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Reality Check

She scribbled some notes, got an agent, wrote proposals, collected rejections, landed a publishing deal and finally—finally!—put the book together. But at what point does the whole thing become real?

Somewhere in a box in my basement, there's a legal pad scribbled with notes in red ink. I made those notes in 1996, the intellectual blueprint for a building I longed to inhabit. I hoped it would become my first book.

I lacked neither skills nor experience. I've been writing journalism professionally since 1976, had won fellowships and taught writing. Still, moving from successful journalist to published author proved a long and arduous journey. It is, I've since learned, a path as individual and quirky as pregnancy and childbirth—while some of its challenges and frustrations are predictable and universal, others remain determinedly singular.

I recently met a magazine editor who uses the same agent I do. We lunched in the legendary steel-and-glass Condé Nast cafeteria, overlooking Times Square in Manhattan. It's full of skinny, well-paid Fabulous Editors (there's Graydon Carter in the corner booth, deeply tanned), the kind of place that makes you feel like the fattest high-schooler all over again. We talked about selling, writing and promoting our first books. She found our agent on the Internet and, within weeks, had produced and sold her proposal to a major publisher.

"And you?" she asked.

Three years and 25 rejections.

By that time, I was on my fourth nonfiction book proposal and my fourth agent. By the time I found him, I was wary, burned from three bad experiences. He read my proposal, met me two days later and was clearly—to my delighted surprise—wooing me.

It was odd, indeed, dining with him at the hottest New York restaurant that year, hearing his potential plans for me, this book, my career. It felt a little like choosing our baby's name on a first date. But as we ate tiny oysters and drank chilled white wine on a sweltering summer afternoon, I listened as carefully as he did. What a pleasure to finally be taken seriously by someone who might help me attain my goals, and who understood them. I liked him: low-key, calm, pragmatic, experienced.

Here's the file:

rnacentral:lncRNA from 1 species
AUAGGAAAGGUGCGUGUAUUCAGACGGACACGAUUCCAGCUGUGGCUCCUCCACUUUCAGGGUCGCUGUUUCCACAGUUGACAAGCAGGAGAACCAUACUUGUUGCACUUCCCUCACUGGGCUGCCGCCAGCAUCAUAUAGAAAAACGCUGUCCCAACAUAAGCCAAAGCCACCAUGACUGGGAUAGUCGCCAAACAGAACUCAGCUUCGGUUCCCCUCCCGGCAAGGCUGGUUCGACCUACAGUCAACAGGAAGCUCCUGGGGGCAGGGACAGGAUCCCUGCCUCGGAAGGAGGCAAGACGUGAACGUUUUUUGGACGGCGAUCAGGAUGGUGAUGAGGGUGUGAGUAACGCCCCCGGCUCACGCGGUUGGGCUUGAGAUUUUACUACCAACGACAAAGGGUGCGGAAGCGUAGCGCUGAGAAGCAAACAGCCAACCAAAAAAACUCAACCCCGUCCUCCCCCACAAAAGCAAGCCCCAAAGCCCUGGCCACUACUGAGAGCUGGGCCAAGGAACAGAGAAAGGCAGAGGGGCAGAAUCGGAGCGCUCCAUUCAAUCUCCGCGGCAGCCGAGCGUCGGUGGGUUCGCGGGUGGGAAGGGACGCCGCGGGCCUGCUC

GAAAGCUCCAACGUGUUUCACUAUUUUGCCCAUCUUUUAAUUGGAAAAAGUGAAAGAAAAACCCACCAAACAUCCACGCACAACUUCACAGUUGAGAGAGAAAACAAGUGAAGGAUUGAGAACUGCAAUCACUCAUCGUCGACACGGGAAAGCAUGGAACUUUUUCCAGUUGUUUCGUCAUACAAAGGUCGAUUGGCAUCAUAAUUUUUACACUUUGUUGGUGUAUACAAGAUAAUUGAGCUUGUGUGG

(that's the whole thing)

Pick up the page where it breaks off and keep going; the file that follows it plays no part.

William predicted a bidding war for the idea, which was a national and neutral look at American women and guns. But, to our chagrin, the summer of 2000 proved a terrible time to sell this subject. With national memories of five school shootings in 1999 painfully fresh, 19 major publishers passed on it. We gave up. In summer 2001 we tried again, and six more said no.

The final publisher to see it was intrigued: This was shortly after 9/11 shook our collective sense of safety and security. I met with the publisher, editorial director and my would-be editor. Sitting in a conference room fielding their many questions and concerns, I felt oddly at ease. Frankly, after 25 rejections, what was there left to fear? I'd heard almost every conceivable reason why no one would ever want to buy this book and had ready answers.

The contract from Pocket Books arrived a few months later, all 19 single-spaced pages of it. It sat in the middle of the dining table for days. I wanted to hide in the bathroom. Who was I kidding? Me, an author? Maybe if I just ignored it, it would go away.

Signing that imposing, legally binding document offered a finality I'd never felt before. What did it mean—if anything—to finally become an author? When would I really become one? When I'd written that first chapter? (What if it was horrible?) The book? (What if they hated it?) When it had been reviewed? (What if it was panned or, worse, ignored?)

Eight years after making those first hopeful red scribbles on a legal pad, it was time to get started: to open my fresh notebooks, begin making travel plans and calling sources across the country.